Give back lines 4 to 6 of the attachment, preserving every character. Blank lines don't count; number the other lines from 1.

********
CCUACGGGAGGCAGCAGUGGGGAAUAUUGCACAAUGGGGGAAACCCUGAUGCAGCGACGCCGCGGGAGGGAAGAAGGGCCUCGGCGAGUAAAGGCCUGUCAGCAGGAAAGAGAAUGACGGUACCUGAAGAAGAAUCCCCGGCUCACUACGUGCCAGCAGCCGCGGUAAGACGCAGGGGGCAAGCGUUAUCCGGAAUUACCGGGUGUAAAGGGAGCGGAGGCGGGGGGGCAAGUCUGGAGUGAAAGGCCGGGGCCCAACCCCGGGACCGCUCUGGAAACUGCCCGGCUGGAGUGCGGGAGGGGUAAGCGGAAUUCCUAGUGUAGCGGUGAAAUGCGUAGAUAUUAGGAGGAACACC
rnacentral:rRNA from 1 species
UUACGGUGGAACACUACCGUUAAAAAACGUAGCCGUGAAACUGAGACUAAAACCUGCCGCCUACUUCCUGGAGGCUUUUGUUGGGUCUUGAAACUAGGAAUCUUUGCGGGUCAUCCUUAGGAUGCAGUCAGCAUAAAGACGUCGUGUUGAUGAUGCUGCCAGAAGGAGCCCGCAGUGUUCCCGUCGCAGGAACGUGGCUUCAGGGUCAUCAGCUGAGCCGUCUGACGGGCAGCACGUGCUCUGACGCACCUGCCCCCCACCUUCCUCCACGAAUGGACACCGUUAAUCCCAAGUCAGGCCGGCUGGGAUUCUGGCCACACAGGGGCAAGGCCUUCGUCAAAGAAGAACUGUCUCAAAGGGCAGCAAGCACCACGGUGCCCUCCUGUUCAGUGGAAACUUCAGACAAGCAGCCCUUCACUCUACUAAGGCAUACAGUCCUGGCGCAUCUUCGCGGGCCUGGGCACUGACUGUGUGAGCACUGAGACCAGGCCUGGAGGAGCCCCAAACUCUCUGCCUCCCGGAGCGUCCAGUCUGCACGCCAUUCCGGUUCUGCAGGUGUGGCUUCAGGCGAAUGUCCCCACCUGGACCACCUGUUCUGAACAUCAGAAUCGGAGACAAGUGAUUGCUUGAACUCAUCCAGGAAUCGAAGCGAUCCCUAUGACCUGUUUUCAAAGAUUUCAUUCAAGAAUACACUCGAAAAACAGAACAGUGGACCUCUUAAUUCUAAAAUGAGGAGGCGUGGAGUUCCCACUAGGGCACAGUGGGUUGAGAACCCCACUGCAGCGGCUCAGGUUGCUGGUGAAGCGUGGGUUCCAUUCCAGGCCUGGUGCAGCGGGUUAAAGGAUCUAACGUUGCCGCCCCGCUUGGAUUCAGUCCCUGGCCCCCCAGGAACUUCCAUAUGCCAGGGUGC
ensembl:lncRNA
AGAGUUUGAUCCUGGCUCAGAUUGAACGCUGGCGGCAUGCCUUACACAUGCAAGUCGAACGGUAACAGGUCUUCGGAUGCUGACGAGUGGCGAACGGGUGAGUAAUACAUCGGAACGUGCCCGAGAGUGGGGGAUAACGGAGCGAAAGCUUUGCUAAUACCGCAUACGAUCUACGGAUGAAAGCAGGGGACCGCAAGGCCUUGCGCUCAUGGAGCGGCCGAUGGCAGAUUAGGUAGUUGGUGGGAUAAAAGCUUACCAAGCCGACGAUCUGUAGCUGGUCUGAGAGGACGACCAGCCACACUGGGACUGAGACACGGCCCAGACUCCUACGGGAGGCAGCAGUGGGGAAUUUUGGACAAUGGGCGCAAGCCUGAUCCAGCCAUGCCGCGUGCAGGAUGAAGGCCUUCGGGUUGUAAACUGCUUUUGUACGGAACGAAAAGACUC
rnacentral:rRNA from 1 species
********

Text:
ensembl:lncRNA
AGAGUUUGAUCCUGGCUCAGAUUGAACGCUGGCGGCAUGCCUUACACAUGCAAGUCGAACGGUAACAGGUCUUCGGAUGCUGACGAGUGGCGAACGGGUGAGUAAUACAUCGGAACGUGCCCGAGAGUGGGGGAUAACGGAGCGAAAGCUUUGCUAAUACCGCAUACGAUCUACGGAUGAAAGCAGGGGACCGCAAGGCCUUGCGCUCAUGGAGCGGCCGAUGGCAGAUUAGGUAGUUGGUGGGAUAAAAGCUUACCAAGCCGACGAUCUGUAGCUGGUCUGAGAGGACGACCAGCCACACUGGGACUGAGACACGGCCCAGACUCCUACGGGAGGCAGCAGUGGGGAAUUUUGGACAAUGGGCGCAAGCCUGAUCCAGCCAUGCCGCGUGCAGGAUGAAGGCCUUCGGGUUGUAAACUGCUUUUGUACGGAACGAAAAGACUC
rnacentral:rRNA from 1 species